I’ve been meaning to do this little test for awhile. It’s simple: take a drawing of an applique shape and scan it on the ScanNCut for fabric cutting and scan it on the Dream Machine to create an applique embroidery file. Will the fabric piece and the embroidery design be the same size? If this experiment works, then I don’t need to use any additional software to create cut files and embroidery files for my applique.
So I started out with a cat outline from freequilt.com. I printed it out and scanned it on the ScanNCut to create a cut file that I saved on the machine.
I’m using a fusible adhesive (HeatNBond Lite) for this test so I don’t need any extra seam allowance for turning. If I did need a 1/4″ seam allowance, it’s easy to add on the ScanNCut. Just follow the sequence shown below. You’ll end up with two lines: a draw line (the stitching or turning line) shown in blue and the cut line shown in black.
I don’t need a seam allowance, so I just used my original cut file. I applied HeatNBond Lite to my fabric, leaving the paper backing on. I put the fabric on my mat (with fabric support sheet) fabric-side-down. I mirrored my cut file on the machine and proceeded to do test cuts until I established the correct blade depth. Here is the final cut cat!
I took the same piece of paper and scanned it on my Dream Machine using My Design Center. I used the “Line” button and let the machine scan the image. The cat outline needed some cleaning up before I could “Preview” the embroidery design. I used the eraser button to clean up a few little ticks in the outline. I also saved the cleaned-up scan into the machine’s memory as I needed to create two embroidery files from the same scan: one for the placement stitch and one for the satin stitch.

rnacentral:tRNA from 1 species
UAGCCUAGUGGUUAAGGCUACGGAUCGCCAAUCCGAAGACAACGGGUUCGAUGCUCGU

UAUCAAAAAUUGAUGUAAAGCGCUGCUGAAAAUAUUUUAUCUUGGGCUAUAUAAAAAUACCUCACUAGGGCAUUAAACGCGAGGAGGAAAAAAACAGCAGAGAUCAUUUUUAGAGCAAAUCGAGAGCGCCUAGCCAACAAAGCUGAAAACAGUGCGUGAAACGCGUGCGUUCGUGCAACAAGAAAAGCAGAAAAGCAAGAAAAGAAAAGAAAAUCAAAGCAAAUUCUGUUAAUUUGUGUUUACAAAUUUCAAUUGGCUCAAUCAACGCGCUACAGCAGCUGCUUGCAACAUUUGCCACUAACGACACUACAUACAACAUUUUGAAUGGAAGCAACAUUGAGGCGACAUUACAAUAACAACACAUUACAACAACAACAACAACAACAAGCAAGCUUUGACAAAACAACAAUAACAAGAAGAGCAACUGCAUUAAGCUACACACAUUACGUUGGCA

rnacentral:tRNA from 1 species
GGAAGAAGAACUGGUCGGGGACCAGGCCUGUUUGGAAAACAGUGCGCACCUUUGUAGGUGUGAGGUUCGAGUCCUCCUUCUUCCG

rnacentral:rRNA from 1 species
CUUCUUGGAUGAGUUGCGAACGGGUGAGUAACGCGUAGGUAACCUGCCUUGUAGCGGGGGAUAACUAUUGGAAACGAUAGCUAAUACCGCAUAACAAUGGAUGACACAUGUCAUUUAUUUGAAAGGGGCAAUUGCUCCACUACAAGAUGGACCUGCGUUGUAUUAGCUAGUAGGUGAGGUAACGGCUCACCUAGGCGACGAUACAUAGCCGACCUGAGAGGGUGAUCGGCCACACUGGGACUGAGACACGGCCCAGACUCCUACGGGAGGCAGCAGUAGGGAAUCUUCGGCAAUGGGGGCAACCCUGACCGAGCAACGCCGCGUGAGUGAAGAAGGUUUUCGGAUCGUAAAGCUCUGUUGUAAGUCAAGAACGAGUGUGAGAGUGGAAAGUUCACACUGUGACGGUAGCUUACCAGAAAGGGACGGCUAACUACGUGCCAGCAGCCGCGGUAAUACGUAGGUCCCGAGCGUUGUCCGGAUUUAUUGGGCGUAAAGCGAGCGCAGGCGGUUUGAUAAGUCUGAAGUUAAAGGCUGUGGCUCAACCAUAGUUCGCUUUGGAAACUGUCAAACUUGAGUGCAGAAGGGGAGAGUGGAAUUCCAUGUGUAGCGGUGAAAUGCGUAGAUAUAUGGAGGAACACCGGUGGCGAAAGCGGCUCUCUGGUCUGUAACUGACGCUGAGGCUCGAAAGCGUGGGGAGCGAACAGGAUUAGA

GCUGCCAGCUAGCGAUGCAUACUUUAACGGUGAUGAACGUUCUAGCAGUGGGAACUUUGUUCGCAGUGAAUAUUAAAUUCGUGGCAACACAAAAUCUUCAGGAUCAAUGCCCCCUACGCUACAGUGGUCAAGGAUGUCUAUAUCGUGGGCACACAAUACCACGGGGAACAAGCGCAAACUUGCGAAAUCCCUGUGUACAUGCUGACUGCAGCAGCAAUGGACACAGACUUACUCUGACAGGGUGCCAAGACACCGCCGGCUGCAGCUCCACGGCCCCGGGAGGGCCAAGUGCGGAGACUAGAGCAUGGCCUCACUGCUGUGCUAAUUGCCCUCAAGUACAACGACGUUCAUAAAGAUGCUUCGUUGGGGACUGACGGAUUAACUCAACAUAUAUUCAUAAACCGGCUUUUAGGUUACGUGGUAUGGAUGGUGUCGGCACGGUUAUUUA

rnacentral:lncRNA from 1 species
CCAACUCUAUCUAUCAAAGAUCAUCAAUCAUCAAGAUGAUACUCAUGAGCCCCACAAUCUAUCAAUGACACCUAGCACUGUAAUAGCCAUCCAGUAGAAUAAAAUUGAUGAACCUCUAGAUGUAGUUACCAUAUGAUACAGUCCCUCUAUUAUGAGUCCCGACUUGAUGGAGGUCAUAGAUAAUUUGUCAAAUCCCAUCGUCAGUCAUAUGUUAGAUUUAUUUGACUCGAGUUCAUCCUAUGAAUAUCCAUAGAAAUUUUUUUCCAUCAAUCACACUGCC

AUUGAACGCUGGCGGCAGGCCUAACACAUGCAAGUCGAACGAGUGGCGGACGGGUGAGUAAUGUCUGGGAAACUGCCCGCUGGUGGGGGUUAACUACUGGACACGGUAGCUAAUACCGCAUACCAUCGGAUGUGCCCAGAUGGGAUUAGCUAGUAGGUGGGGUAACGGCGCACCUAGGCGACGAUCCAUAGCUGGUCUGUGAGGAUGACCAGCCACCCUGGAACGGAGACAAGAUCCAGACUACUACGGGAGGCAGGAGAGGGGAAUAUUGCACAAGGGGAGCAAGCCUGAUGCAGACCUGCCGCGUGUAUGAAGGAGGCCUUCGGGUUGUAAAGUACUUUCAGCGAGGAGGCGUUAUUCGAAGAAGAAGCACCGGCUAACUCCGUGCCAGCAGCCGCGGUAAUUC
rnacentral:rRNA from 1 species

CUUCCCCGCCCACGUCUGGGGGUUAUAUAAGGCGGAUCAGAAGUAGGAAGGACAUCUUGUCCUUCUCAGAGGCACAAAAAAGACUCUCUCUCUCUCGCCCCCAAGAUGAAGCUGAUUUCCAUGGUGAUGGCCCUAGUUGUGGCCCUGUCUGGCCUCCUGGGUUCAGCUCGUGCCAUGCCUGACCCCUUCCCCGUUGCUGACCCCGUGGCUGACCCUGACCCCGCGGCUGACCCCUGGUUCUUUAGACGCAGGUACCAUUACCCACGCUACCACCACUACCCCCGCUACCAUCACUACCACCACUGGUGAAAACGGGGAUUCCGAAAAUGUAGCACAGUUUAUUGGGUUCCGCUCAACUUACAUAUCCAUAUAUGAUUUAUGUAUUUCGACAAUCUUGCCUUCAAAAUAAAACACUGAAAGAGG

I used “Preview” twice from the same image scan. The first time I wanted a running stitch. The second time I wanted the widest zigzag stitch I could get which was 3mm. The machine created embroidery files which I saved in the machine’s memory.
First I loaded the placement line embroidery file saved in memory and stitched the placement line.
Then I matched up the cut fabric with the placement line. It matched! I fused the applique fabric to the background fabric. I then switched to the satin stitch embroidery file I had saved in memory. Using the fabric scan function of the Dream Machine, I scanned the hoop to make sure I had the satin stitch lined up exactly with the fused applique and then let the machine do its thing.
It all worked beautifully! I suppose I should have known this ahead of time. I figured that the ScanNCut was already precisely calibrated, but I wasn’t as sure of the Dream Machine. Turns out that its auto-generated embroidery file dimensions match up quite nicely with the dimensions on the scanned drawing.
So there you go! If all you have is a line drawing of a shape you’d like to turn into an applique embroidery design, you can use the same drawing with the ScanNCut and the Dream Machine to both cut your applique fabric and generate your applique embroidery files.